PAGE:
POST UPDATED: In his first public comments since the Rob Porter scandal broke, CNN reports that “The President…did not express any sympathy for the women Porter allegedly abused — instead pointing to Porter’s claim that ‘he’s innocent.’
This is what I wrote earlier this morning:
Have you considered that Rob Porter, until recently Trump’s chief aide, got and kept his high-level White House job not despite allegations of domestic violence against two ex-wives and a girl friend, but because of them?
It is now becoming clear that John Kelly, Trump’s White House Chief-of-Staff, went on record defending Porter as a “man of true integrity and honor” after knowing about the history of domestic violence.
In the Trump administration, domestic violence allegations seem to be a credential, not a liability. Trump himself, Steven Bannon and Corey Lewandowski are at least the ones that are known that work or have worked in the White House.
This is not surprising. Domestic violence, as I warned in late 2016, is the model for Trump’s political philosophy.
Domestic violence as a political philosophy is deeply rooted in Christian theological ideas such as Just War, as developed by Augustine of Hippo, and refined by Thomas Aquinas. Physical violence or threats of physical violence are justified against those who are not at the top of the pyramid of power when they step out of line.
This kind of disobedience gives the controlling power “Just Cause” as I argue in Women’s Bodies as Battlefield: Christian Theology and the Global War on Women. “Just Cause” is the first justification for war in Just War theory. I argue there is a “Just Battering” tradition that provides the justification for violence against women. The “Just Battering” tradition, (of course not given such a clear label!), has been staunchly defended throughout western Christian history in theological terms.
Take what John Kelly asserted, namely that “women are no longer sacred.” The choice of the word “sacred” is telling. Sacred means holy and/or dedicated to God.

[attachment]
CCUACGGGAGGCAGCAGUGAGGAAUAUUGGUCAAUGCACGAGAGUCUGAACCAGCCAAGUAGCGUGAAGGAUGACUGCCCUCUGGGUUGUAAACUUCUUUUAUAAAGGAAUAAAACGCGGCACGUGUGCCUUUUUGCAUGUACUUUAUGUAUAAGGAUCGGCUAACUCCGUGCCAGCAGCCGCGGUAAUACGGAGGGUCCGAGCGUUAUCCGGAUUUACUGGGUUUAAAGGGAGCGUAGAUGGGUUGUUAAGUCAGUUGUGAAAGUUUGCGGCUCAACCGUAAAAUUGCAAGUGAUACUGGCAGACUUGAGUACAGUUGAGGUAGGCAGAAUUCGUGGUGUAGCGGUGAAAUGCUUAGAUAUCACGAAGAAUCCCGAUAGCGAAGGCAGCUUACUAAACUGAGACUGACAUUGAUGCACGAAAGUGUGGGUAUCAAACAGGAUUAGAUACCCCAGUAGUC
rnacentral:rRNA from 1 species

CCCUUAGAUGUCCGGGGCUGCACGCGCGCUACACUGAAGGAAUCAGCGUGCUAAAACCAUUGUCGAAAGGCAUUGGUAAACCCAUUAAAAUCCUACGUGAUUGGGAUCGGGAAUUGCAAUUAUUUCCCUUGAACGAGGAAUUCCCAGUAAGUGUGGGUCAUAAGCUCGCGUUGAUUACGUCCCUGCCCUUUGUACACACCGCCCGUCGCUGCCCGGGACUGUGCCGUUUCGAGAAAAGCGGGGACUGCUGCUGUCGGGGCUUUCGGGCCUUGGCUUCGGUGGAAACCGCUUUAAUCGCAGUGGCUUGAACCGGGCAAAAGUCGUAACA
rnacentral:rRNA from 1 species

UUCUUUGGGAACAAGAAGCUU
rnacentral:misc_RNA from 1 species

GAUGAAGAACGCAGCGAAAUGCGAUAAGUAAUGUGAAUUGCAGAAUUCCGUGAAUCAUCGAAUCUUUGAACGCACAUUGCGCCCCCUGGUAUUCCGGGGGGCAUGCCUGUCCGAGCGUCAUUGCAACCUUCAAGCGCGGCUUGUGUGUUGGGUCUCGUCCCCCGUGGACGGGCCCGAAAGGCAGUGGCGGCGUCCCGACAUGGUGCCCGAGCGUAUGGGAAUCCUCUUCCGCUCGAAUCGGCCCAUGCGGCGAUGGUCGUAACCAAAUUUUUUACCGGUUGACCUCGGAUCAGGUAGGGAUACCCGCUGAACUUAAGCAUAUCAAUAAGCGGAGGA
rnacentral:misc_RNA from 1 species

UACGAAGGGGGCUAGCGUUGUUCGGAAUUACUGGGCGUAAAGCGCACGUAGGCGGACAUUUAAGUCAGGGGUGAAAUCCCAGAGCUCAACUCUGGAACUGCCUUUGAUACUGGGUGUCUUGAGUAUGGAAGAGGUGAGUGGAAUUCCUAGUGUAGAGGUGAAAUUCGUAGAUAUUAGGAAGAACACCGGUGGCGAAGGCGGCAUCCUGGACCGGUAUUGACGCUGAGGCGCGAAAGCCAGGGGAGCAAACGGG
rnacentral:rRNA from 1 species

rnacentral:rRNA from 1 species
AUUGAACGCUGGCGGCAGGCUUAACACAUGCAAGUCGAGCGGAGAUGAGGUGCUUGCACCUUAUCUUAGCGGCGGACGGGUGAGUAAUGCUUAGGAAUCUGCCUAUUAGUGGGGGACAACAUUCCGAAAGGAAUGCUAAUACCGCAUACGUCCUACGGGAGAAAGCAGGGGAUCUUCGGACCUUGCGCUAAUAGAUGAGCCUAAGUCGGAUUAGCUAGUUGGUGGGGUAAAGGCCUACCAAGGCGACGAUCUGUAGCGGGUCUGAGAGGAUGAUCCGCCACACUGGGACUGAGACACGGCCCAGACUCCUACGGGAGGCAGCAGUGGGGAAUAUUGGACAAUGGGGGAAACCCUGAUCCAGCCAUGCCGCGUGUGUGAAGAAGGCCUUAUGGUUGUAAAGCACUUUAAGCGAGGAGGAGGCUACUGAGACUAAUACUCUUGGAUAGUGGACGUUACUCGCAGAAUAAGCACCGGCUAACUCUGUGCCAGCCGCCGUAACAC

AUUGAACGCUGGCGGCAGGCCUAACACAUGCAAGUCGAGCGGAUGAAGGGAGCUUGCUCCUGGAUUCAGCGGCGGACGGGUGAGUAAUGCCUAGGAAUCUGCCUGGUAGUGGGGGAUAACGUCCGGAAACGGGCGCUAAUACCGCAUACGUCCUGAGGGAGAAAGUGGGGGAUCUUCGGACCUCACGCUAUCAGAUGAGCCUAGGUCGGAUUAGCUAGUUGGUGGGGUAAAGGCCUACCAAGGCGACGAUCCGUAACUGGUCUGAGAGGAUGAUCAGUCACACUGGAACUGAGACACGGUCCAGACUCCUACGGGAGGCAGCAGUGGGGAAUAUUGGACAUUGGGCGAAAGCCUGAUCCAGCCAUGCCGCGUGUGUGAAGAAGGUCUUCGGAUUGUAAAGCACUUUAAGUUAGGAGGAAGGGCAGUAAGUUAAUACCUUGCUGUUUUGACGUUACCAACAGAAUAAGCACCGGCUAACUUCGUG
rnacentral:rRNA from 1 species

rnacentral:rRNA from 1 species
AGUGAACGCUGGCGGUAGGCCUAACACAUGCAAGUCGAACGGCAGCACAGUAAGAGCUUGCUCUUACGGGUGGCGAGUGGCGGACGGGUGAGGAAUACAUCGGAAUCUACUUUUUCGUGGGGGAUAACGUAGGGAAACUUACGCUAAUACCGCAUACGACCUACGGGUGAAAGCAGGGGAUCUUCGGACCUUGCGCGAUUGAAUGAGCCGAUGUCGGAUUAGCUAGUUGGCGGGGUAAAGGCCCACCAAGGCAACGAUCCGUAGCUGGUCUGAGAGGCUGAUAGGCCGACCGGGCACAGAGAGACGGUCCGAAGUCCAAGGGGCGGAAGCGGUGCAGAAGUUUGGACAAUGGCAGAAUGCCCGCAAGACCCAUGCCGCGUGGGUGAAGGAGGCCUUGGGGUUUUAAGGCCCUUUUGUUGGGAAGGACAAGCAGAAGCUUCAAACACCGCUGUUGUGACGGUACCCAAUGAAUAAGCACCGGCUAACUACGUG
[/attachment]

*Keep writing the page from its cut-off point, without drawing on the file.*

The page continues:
The opposite of “sacred” is “profane,” that is impious, ungodly and, very tellingly, disrespectful. When women are disobedient they disrespect the power hierarchy; are no longer sacred and, therefore, violence against them has a “just cause.”
Is it surprising to you, therefore, that someone like John Kelly, educated as he has been in the military in Just War theory, would easily subscribe to the “Just Battering” tradition as based on Just War theory and hire and subsequently protect a batterer? Well, he has actually protected and continues to protect several batterers.
It is also no surprise to me that this same John Kelly would engage in a blatantly racist and sexist attack against Rep. Frederica Wilson and then, when video emerged proving he lied, still refuse to apologize. Was Kelly persuaded he had “Just Cause” to lie about Rep. Wilson because she dares to be an African American Congresswoman? Is that why he refused to apologize?
The Department of Justice has defined domestic abuse as “any behaviors that intimidate, manipulate, humiliate, isolate, frighten, terrorize, coerce, threaten, blame, hurt, injure, or wound someone.” The constant barrage of tweets from Trump, threatening, blaming, shaming, and provocative statements about nuclear war are themselves clear evidence of this philosophy of domestic abuse.
This kind of attitude and action are horrifying in personal relationships, and they are equally horrifying when seen as a broader pattern of an abusive political philosophy.
I have come to believe that domestic abusers are deliberately selected for jobs in this administration, and protected by people such as White House Counsel Donald McGahn and Chief-of-Staff John Kelly, not despite the abuse allegations, but, in my view, because of them.
For some other research I am doing, I have been reading the blog sections of white supremacist, neo-Nazi websites. There is a constant refrain in these: “Trump is an alpha male.” Over and over again, these Nazi-wanna-be’s repeat that. “Trump is an alpha male.”